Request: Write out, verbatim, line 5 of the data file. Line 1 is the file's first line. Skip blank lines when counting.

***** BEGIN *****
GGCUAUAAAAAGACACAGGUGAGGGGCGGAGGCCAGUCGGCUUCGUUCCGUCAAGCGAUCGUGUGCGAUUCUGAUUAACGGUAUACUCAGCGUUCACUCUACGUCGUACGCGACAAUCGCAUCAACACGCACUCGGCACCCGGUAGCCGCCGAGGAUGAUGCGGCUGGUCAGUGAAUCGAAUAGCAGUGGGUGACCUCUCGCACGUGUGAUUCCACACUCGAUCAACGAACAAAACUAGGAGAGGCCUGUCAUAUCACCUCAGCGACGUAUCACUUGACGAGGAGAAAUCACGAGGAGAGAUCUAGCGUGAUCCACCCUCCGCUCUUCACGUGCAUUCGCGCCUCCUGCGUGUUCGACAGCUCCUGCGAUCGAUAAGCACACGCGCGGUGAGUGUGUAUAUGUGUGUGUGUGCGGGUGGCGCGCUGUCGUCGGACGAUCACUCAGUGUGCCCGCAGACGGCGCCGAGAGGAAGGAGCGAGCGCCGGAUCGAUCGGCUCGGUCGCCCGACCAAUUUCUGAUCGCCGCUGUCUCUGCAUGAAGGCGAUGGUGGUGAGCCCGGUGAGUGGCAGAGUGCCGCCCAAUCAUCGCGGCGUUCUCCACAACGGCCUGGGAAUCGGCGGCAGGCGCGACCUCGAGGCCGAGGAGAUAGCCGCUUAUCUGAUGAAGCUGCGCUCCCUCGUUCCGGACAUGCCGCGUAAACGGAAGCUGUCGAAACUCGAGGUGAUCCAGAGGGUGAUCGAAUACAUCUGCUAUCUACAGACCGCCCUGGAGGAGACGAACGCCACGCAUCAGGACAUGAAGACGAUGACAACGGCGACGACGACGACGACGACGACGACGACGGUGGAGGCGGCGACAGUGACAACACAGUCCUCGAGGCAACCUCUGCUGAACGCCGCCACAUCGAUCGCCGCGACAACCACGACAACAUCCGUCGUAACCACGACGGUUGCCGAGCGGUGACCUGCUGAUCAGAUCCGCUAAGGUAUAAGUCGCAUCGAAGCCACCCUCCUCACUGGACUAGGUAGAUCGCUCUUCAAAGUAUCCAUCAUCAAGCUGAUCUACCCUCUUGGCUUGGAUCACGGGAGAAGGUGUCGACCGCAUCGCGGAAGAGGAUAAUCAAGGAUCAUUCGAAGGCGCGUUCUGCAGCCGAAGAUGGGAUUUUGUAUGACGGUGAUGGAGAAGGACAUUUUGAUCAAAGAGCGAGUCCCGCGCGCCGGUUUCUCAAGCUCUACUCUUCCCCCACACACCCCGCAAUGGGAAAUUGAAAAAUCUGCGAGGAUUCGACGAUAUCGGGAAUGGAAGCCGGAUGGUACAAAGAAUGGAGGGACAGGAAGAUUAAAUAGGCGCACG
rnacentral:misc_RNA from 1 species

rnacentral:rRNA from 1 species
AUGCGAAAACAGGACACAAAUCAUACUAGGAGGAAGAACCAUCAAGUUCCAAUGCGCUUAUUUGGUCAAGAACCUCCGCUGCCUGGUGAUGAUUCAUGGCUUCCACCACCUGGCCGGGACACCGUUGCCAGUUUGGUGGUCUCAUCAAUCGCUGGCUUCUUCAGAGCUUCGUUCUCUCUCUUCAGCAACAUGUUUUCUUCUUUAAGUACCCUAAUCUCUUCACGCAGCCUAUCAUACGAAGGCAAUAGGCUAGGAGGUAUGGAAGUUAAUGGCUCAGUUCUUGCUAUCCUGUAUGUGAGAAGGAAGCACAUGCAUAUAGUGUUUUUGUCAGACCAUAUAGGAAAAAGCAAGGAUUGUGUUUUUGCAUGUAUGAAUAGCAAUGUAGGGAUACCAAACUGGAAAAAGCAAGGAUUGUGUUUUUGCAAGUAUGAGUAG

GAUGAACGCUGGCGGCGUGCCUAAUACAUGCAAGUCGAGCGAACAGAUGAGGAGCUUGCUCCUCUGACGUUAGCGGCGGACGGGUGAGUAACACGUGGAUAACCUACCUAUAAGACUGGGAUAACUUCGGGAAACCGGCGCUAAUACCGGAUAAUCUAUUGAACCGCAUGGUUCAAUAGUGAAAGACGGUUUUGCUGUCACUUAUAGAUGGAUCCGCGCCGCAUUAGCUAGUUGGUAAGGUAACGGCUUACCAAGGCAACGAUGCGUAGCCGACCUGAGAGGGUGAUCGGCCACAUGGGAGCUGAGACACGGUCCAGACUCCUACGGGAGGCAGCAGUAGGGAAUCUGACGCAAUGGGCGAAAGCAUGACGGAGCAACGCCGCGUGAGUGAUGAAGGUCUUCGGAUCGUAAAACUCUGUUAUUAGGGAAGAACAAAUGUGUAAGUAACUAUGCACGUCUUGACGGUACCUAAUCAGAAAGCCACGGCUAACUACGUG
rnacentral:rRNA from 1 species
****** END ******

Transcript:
GAUGAACGCUGGCGGCGUGCCUAAUACAUGCAAGUCGAGCGAACAGAUGAGGAGCUUGCUCCUCUGACGUUAGCGGCGGACGGGUGAGUAACACGUGGAUAACCUACCUAUAAGACUGGGAUAACUUCGGGAAACCGGCGCUAAUACCGGAUAAUCUAUUGAACCGCAUGGUUCAAUAGUGAAAGACGGUUUUGCUGUCACUUAUAGAUGGAUCCGCGCCGCAUUAGCUAGUUGGUAAGGUAACGGCUUACCAAGGCAACGAUGCGUAGCCGACCUGAGAGGGUGAUCGGCCACAUGGGAGCUGAGACACGGUCCAGACUCCUACGGGAGGCAGCAGUAGGGAAUCUGACGCAAUGGGCGAAAGCAUGACGGAGCAACGCCGCGUGAGUGAUGAAGGUCUUCGGAUCGUAAAACUCUGUUAUUAGGGAAGAACAAAUGUGUAAGUAACUAUGCACGUCUUGACGGUACCUAAUCAGAAAGCCACGGCUAACUACGUG